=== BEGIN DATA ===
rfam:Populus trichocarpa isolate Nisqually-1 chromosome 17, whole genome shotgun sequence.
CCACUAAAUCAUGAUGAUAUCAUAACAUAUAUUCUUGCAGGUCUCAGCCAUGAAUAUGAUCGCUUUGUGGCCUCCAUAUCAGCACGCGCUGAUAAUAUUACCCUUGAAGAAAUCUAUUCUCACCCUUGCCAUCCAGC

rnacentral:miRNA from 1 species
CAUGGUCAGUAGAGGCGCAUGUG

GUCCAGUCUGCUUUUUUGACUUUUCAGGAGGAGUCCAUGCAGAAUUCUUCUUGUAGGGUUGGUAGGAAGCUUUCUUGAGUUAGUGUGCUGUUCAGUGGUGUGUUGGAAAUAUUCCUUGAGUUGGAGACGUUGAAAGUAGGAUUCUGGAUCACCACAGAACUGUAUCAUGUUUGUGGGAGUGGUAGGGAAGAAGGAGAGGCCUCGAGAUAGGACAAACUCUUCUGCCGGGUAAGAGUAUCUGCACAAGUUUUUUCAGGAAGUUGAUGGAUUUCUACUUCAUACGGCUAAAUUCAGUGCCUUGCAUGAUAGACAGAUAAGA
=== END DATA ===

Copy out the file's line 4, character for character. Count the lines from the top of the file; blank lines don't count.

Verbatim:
CAUGGUCAGUAGAGGCGCAUGUG